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Supporting Innovative Education for Millions of Students

NewseumED believes that democracy thrives when its participants can effectively analyze the media they consume, produce and share every day.


In order to deeply engage students in learning these key classroom and civic skills, educators require primary sources and opportunities for students to interact with and make sense of their curriculum. Primary sources provide a first-person viewpoint, allowing students to learn by connecting with another human story instead of an intangible concept. Additionally, they allow students to interpret ideas for themselves, developing analysis and critical thinking skills. However, these kinds of curated resources are scarce, can be difficult to access for schools in remote locations and also can be costly to educators.

Unique – and Free


The notice about the duel is reprinted from the New York Evening Post, a newspaper that was founded by Hamilton in 1801.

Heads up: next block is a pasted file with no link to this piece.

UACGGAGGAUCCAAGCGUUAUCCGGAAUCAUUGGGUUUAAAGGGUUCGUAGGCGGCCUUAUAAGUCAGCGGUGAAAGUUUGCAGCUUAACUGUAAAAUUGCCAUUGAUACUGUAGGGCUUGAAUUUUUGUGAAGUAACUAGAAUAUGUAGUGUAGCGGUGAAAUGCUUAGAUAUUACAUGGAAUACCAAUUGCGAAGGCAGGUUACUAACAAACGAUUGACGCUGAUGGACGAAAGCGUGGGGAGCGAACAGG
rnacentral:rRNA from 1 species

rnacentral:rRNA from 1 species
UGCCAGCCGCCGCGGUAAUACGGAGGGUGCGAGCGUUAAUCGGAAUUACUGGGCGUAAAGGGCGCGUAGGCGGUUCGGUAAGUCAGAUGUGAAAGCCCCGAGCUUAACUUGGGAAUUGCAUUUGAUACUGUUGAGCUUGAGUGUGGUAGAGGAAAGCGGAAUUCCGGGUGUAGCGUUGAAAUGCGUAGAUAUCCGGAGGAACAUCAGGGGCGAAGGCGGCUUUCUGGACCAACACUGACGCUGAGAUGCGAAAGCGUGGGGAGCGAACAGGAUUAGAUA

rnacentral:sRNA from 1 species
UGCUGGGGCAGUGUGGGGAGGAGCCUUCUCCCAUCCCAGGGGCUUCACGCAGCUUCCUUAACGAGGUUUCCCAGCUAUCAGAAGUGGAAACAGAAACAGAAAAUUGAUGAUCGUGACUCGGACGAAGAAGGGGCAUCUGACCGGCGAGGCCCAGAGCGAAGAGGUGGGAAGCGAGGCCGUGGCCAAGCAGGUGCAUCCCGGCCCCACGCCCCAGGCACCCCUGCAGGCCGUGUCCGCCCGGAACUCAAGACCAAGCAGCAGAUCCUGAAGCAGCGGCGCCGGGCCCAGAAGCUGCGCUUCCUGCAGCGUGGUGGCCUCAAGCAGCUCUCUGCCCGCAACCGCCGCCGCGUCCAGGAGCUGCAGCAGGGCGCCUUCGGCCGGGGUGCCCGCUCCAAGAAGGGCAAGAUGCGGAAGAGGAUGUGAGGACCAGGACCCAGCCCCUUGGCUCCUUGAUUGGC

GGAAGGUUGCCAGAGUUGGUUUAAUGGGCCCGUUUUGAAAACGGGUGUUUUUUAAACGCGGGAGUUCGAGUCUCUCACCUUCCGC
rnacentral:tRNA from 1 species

Newseum Collection

Thanks to our partners and sponsors, NewseumED can provide free access to thematic digital collections of lesson plans, interactives, and primary and secondary sources to more than 11 million teachers and students. This free online resource room connects students to an ever-growing array of historical front pages, photographs, video interviews, engravings and newsreels and the information to put them in context, and provides teachers with flexible lesson plans and materials that are standards-aligned, including Common Core. Students and teachers gain access to artifacts in our museum’s collection, which contains over 35,000 print news pieces dating back to 1493.

For information on sponsoring content on or media literacy training for your community, please contact Emily Nicholson in Development at  

EDClasses & Training

  • Is It Fair? Evaluate Your Media

    Are accusations of bias clogging your news feed? Are your students quick to point out that something's unfair — but not as ready to explain why? Tune up your “fairness meter” to assess how objective or biased content really is.

  • You Can’t Say That in School?!

    Students debate court cases to learn how far First Amendment protections extend in public schools, and why limits may be necessary.

  • You Can’t Say That?!

    Students learn about restrictions to freedom of speech in public life, then debate court cases that determined when and why those limits apply.

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